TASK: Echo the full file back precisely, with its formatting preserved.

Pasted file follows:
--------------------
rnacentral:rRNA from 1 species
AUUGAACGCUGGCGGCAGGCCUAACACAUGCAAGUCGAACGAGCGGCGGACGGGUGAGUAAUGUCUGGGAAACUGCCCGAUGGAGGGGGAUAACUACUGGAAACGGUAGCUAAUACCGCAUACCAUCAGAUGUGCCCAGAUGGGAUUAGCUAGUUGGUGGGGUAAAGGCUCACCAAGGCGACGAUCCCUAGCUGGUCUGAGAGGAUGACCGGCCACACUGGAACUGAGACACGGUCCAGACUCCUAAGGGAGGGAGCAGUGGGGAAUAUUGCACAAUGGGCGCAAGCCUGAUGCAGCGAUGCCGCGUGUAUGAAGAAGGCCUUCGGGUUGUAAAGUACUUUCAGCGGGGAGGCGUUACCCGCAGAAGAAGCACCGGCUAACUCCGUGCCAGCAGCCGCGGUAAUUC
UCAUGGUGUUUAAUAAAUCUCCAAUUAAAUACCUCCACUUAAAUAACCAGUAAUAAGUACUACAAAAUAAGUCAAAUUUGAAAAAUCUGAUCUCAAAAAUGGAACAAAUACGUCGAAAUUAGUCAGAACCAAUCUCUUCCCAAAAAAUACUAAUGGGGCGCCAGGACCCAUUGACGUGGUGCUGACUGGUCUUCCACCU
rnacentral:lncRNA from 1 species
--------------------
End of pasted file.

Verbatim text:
rnacentral:rRNA from 1 species
AUUGAACGCUGGCGGCAGGCCUAACACAUGCAAGUCGAACGAGCGGCGGACGGGUGAGUAAUGUCUGGGAAACUGCCCGAUGGAGGGGGAUAACUACUGGAAACGGUAGCUAAUACCGCAUACCAUCAGAUGUGCCCAGAUGGGAUUAGCUAGUUGGUGGGGUAAAGGCUCACCAAGGCGACGAUCCCUAGCUGGUCUGAGAGGAUGACCGGCCACACUGGAACUGAGACACGGUCCAGACUCCUAAGGGAGGGAGCAGUGGGGAAUAUUGCACAAUGGGCGCAAGCCUGAUGCAGCGAUGCCGCGUGUAUGAAGAAGGCCUUCGGGUUGUAAAGUACUUUCAGCGGGGAGGCGUUACCCGCAGAAGAAGCACCGGCUAACUCCGUGCCAGCAGCCGCGGUAAUUC
UCAUGGUGUUUAAUAAAUCUCCAAUUAAAUACCUCCACUUAAAUAACCAGUAAUAAGUACUACAAAAUAAGUCAAAUUUGAAAAAUCUGAUCUCAAAAAUGGAACAAAUACGUCGAAAUUAGUCAGAACCAAUCUCUUCCCAAAAAAUACUAAUGGGGCGCCAGGACCCAUUGACGUGGUGCUGACUGGUCUUCCACCU
rnacentral:lncRNA from 1 species